(51e) A Data-Driven Framework for Biomass Selection and Process Optimization of Activated Carbon Production

Authors: 
Liao, M. - Presenter, North Carolina State University
Kelley, S., North Carolina State University
Yao, Y., Yale University
Activated carbon (AC) is a carbon material with high surface area and wide applications in the industry.1,2 AC can be produced from different carbonaceous sources such as coal and biomass through pyrolysis and activation (i.e., chemical and physical activation).3 Previous studies indicated that AC production performance (e.g., AC yields and BET surface area) and environmental footprints (e.g., energy consumption and Greenhouse Gas (GHG) emissions) are highly driven by feedstock properties and operational conditions of AC.4,5 However, few studies have developed quantitative understanding of complex relationships among feedstock property, AC quality, and environmental footprints of AC production. Thus it is challenging to screen different biomass and optimize AC production using traditional process modeling approaches.

In this study, a predictive modeling framework was developed for AC production by integrating a data-driven approach Artificial Neural Network (ANN) with traditional chemical process simulation. Specifically, we focused on AC produced from woody biomass using pyrolysis and steam activation. ANN model was trained by a large dataset containing 168 data samples of biomass composition (i.e., ultimate and proximate analysis), operational conditions (i.e., pyrolysis time, pyrolysis temperature, activation time, activation temperature, steam to biochar ratio) and AC quality (i.e., yields and BET surface area).6 By providing the characterization data of target biomass and operational conditions, the well-trained ANN is capable of predicting the key process parameters such as yields of overall AC production.6 The composition of materials flows within the AC production was estimated by a pyrolysis kinetic model adapted from the previous studies.7 Aspen Plus process simulation was developed using the data generated by two models mentioned previously.8 The integrated modeling framework is able to generate information of primary energy consumption and GHG emissions of AC production using inputs of biomass characterization and operational conditions.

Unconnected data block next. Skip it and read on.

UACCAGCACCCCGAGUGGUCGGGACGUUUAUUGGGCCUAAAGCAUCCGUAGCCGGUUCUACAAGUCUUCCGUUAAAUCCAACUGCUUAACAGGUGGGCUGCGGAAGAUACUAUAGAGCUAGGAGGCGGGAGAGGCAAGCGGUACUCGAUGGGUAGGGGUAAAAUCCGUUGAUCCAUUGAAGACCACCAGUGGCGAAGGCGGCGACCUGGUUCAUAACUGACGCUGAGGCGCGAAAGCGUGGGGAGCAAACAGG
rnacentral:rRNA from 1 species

The modeling framework was tested for 251 data samples of woody biomass collected from literature to provide quantitative understandings of biomass species on primary energy and GHG emissions of AC production. Biogenic and fossil-based GHG emissions are tracked separately. Different scenarios regarding energy recovery were developed to identify potential opportunities of energy savings. The preliminary results indicated that AC from different biomass species have large variations in the primary energy consumption (43.4 – 276.7 MJ/kg AC product without energy recovery) and GHG emissions (3.7 – 20.6 CO2 eq./kg AC product without energy recovery). Impacts of specific biomass compositions (e.g., atomic H/C ratios) were further explored to understand the relationships between biomass characterization and energy/carbon footprints. By varying operational conditions, the integrated modeling framework can also provide insightful information of process optimization for specific biomass species.

Reference

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